Instead, the president criticized “the unprecedented assault on freedom of expression” after his own accounts were banned from Twitter, Facebook and Instagram.
“Efforts to censor, cancel and blacklist our fellow citizens are wrong and dangerous,” he said.
“What is needed now is that we listen to each other, not silence ourselves.”
It did not specifically mention the deletion of its own Twitter, Facebook and Instagram accounts after its posts were seen as encouraging violence.
“After careful review, and in light of concerns about the continued potential for violence, we removed new content uploaded to the Donald J. Trump channel and issued a strike for violating our incitement to violence policies,” said a spokesman for YouTube in a statement.
“As a result, according to our long-standing warning system, the channel is now unable to upload new videos or live streams for a minimum of seven days, which can be extended.”
Trump also condemned the violence on Capitol Hill in the immediate aftermath of a rally in which he asked his supporters to march into the building in an effort to block the certification of election results.
“No true supporter of mine could support political violence,” he said.
“No true supporter of mine could ever threaten or harass his fellow Americans.”
He promised that everyone involved in the attacks would be brought to justice.
He also warned anyone considering acts of violence in the run-up to Joe Biden’s inauguration, though he did not say the name of the president-elect.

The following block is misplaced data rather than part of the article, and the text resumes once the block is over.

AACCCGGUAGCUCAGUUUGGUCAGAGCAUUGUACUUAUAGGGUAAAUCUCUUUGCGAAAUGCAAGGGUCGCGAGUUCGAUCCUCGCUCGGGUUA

“There must be no violence, transgression of the law or vandalism of any kind,” said the outgoing president.
“In Washington DC we are bringing thousands of members of the National Guard.”
There are currently more US troops in Washington DC than in Afghanistan.
Earlier today, 10 Republicans joined the entire Democratic caucus of the House of Representatives to impeach Trump.
Trump is the first president to be indicted twice.
“No one is above the law, not even the president of the United States,” he said.
“Donald Trump is a clear and present danger to our country.”
He also appointed a group of members of Congress to serve as impeachment administrators for the trial that will take place in the Senate.
But Trump will not be removed from office early as a result of the impeachment, and Senate Majority Leader Mitch McConnell said there is no time to do so.
IN PHOTOS: Gavel drops in final vote to impeach Donald Trump
“Given the Senate rules, procedures, and precedent governing presidential impeachment trials, there is simply no chance that a fair or serious trial will conclude before President-elect Biden is sworn in next week,” said Senator McConnell it’s a statement.
“The Senate has held three presidential impeachment trials. They have lasted 83 days, 37 days and 21 days respectively.”
Senator McConnell said the next seven days should focus on an orderly transition.
By the time Biden takes office, Senator McConnell will lose his job as Senate leader and the Democrats will take over.